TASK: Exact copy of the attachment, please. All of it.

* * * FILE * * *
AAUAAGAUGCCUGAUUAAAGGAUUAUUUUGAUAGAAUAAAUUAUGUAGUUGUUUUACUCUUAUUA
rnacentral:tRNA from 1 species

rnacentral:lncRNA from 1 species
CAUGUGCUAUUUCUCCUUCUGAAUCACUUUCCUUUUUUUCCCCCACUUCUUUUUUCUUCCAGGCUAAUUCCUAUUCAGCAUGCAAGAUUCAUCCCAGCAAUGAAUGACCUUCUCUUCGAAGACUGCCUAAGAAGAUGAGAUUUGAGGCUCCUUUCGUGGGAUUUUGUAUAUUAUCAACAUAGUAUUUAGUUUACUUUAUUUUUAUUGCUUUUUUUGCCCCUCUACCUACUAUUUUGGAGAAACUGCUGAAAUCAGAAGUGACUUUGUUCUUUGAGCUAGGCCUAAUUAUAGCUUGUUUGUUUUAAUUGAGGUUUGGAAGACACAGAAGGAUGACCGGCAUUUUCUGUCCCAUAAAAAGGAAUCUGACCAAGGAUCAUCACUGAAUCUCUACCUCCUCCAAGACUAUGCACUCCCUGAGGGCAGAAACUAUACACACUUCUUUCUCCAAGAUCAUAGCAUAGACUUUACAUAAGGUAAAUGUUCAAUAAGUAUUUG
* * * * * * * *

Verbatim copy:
AAUAAGAUGCCUGAUUAAAGGAUUAUUUUGAUAGAAUAAAUUAUGUAGUUGUUUUACUCUUAUUA
rnacentral:tRNA from 1 species

rnacentral:lncRNA from 1 species
CAUGUGCUAUUUCUCCUUCUGAAUCACUUUCCUUUUUUUCCCCCACUUCUUUUUUCUUCCAGGCUAAUUCCUAUUCAGCAUGCAAGAUUCAUCCCAGCAAUGAAUGACCUUCUCUUCGAAGACUGCCUAAGAAGAUGAGAUUUGAGGCUCCUUUCGUGGGAUUUUGUAUAUUAUCAACAUAGUAUUUAGUUUACUUUAUUUUUAUUGCUUUUUUUGCCCCUCUACCUACUAUUUUGGAGAAACUGCUGAAAUCAGAAGUGACUUUGUUCUUUGAGCUAGGCCUAAUUAUAGCUUGUUUGUUUUAAUUGAGGUUUGGAAGACACAGAAGGAUGACCGGCAUUUUCUGUCCCAUAAAAAGGAAUCUGACCAAGGAUCAUCACUGAAUCUCUACCUCCUCCAAGACUAUGCACUCCCUGAGGGCAGAAACUAUACACACUUCUUUCUCCAAGAUCAUAGCAUAGACUUUACAUAAGGUAAAUGUUCAAUAAGUAUUUG